Large portions are dedicated to the climate around Galileo and the intellectual responses to his discoveries. As to be expected, eventually we will read (repeatedly) how harrangued Galileo was at inquisitions into confessing his grave error (sin) at proposing a non-geocentric model for our universe. It can only sound deplorable to our ears how the autocratic bullies forced him to return to the Ptolemeic system with an embarassing degree of arrogance and ego. It would have been more interesting for me to explore what motivated such "disbelief" and outraged accusations of heresy. Clearly there were others who were looking to expand their world view (without wishing to do away with religion). An amazing hub of control defied this however. We do not really get a sense of the panic those at this hub must have felt when they, too, studied the persuasive evidence with careful attention.
At times, the Sorella/daughter writes in marvellously exalted language, which is trying to egg her own piety on with stubborn resignation. It also seems to serve to butter up her father before plonking a new request for money or materials (for sewing) before him. Let us never forget, though, to ask how volunatarily, after all, she ended up at the nunnery? Despite the restrictions for visits the contact remains close and the dependency on a mundane father heavy.
In that sense she often sounds modern, but on the other hand she remains completely removed from the real and masculine world. It means her subjects tend to dry up and become repetitive and ordinary. She complains a lot about being too busy, this makes her letters seem to function more urgently as a life-line for a sense of a personal identity. I was amazed to discover how this might have been permitted.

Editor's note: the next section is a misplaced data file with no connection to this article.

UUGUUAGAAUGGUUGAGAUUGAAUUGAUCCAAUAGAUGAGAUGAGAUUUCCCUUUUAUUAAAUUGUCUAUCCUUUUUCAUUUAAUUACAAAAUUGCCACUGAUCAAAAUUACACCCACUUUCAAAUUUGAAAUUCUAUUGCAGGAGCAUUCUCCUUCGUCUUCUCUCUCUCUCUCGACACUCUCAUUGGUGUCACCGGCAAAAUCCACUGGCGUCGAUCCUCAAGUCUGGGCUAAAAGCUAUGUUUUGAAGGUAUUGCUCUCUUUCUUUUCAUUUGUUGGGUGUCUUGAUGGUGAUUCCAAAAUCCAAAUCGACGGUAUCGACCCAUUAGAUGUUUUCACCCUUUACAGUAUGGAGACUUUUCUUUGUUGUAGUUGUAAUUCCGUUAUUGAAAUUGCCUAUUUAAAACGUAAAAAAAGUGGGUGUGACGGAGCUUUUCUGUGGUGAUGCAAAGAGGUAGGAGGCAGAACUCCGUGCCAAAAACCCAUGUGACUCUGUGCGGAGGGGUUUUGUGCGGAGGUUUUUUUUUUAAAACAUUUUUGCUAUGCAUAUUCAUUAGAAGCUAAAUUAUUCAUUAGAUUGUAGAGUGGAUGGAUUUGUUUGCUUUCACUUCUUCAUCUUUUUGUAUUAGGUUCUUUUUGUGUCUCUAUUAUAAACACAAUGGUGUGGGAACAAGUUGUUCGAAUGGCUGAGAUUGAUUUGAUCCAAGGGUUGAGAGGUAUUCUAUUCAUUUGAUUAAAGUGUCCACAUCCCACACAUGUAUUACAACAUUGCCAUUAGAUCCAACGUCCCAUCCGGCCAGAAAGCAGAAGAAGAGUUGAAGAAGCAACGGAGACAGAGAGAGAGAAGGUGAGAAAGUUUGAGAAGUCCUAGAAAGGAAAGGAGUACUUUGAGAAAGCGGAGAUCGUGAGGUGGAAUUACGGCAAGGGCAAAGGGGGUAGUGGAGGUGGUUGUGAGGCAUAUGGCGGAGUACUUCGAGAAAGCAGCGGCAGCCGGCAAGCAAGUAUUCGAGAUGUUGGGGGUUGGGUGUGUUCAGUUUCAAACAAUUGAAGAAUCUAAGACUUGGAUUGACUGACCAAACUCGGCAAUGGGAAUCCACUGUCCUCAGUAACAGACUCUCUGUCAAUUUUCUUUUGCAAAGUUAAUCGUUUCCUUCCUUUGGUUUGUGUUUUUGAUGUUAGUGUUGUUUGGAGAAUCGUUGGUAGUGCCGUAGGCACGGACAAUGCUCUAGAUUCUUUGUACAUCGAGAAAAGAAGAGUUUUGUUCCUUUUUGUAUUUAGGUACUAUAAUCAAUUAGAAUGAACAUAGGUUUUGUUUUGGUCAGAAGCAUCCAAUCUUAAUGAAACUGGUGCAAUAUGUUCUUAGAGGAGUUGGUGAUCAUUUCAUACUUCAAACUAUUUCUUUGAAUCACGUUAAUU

On the up-side of the cloister, the closed off premises may have saved her life, with conditions of this particular Order too stark and the kitchen too bare to invite the rats, preserving them from infestations of their plague riddled fleas.
Sister Marie Celeste may humble herself with great decorum as a mere Poor Clare, but I cannot help but hear an undertone of frustration with the abject poverty they condemn themselves to.. She is often challenged by the lack of privacy and the massive amount of chores dumped upon her young, able shoulders. Her health, needless to say, is quick to weaken under the penurious circumstances. But she battles on valiantly and optimistically! (Albeit not for nearly half the length of her father’s life!)